I'd say users are in the middle of losing control over software development. No, I cannot read lines of code and conclude what the developer is doing by these stages, so I can only report disagreeable end results. But where? How do we users, as a result of us users being vigilant users, call out an unwanted coding decision? I'm not talking about broken code, I'm talking about core concepts, whole paradigms.

Well, we have to follow tedious processes:
1] hope that the feedback information in the package is accurate (Hint: man pages still get displayed stating being written over 10 years ago, with scattered absences of accurate maintainer addresses),
2] follow that (low overall efficacy) path and chase through spotty forwarding,
3] join a mailing list or some obscure forum for EACH package we are concerned about (github, sourceforge, savannah, KDE developers forum are just a few of the grouped fora),
4] try to not irritate the developers by being uncertain of what has happened to cause the end result that we are reporting,
and such like.
I've even read at one developer site where it demanded that our feedback to them must follow a format they specify or they will discard the feedback. In the end, it sounded like this: If you do not tell us which line of code has the typo, we aren't going to listen to you. User feedback must never be constricted to only a checklist or predefined outcomes, since we may be trying to report whole paradigms as being a problem, yet that feedback site wanted their own decisions to continue.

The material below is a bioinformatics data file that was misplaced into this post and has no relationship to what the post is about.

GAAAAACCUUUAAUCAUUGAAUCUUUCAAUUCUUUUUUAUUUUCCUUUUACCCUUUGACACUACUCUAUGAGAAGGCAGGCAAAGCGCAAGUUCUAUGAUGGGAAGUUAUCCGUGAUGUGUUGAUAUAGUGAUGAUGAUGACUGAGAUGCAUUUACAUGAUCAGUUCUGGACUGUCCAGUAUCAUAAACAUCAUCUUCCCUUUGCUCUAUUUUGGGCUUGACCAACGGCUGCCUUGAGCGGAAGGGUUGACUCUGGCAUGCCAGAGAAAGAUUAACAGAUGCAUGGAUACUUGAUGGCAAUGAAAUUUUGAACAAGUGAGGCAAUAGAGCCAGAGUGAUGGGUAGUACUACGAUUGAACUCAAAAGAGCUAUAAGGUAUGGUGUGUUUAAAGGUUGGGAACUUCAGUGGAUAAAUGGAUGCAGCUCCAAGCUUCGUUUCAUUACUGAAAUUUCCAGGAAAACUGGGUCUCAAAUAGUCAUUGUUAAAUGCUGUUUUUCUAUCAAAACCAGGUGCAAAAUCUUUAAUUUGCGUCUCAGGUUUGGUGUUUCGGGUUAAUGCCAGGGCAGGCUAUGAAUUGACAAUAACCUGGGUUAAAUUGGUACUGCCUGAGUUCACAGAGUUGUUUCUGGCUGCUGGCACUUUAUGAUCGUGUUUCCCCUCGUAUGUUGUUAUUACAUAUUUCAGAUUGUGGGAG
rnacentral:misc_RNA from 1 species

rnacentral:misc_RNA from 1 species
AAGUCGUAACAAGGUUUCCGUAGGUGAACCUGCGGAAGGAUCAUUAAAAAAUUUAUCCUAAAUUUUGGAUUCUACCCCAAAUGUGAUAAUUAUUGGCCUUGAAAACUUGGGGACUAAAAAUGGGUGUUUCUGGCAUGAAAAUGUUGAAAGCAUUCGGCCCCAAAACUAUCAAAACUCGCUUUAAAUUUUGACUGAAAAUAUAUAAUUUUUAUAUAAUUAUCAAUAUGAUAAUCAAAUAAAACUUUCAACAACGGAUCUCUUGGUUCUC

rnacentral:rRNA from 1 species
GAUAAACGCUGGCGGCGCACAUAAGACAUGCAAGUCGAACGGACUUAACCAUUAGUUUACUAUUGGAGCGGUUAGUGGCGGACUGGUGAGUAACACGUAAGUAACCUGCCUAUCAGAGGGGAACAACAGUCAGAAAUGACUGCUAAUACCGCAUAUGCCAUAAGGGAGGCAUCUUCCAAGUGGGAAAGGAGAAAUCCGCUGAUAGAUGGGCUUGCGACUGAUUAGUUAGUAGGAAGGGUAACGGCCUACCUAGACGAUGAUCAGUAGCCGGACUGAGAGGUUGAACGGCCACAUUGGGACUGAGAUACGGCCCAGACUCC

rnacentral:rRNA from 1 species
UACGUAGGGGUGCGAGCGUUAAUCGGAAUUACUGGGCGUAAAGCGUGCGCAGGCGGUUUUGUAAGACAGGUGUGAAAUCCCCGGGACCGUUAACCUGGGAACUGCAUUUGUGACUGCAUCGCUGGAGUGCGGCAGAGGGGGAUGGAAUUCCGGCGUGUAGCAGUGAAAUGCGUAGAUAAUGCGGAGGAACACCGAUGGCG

Yes, somehow, we need to address the manifold users needs along with the coders needs.

Then vigilance can resume.

_________________
eMachines T5246 AMD 64 X2 w/Ubuntu Mate 16.04.4
EeePC 900A w/Antix 16.2 32 bit
Dell Inspiron 1545 w/Neptune 5.1


Top
 Profile  
 PostPosted: Wed Oct 25, 2017 12:25 pm   
Linux Guru
User avatar

Joined: Sat Apr 03, 2004 12:39 am
Posts: 12378
Location: Clinton Township, Michigan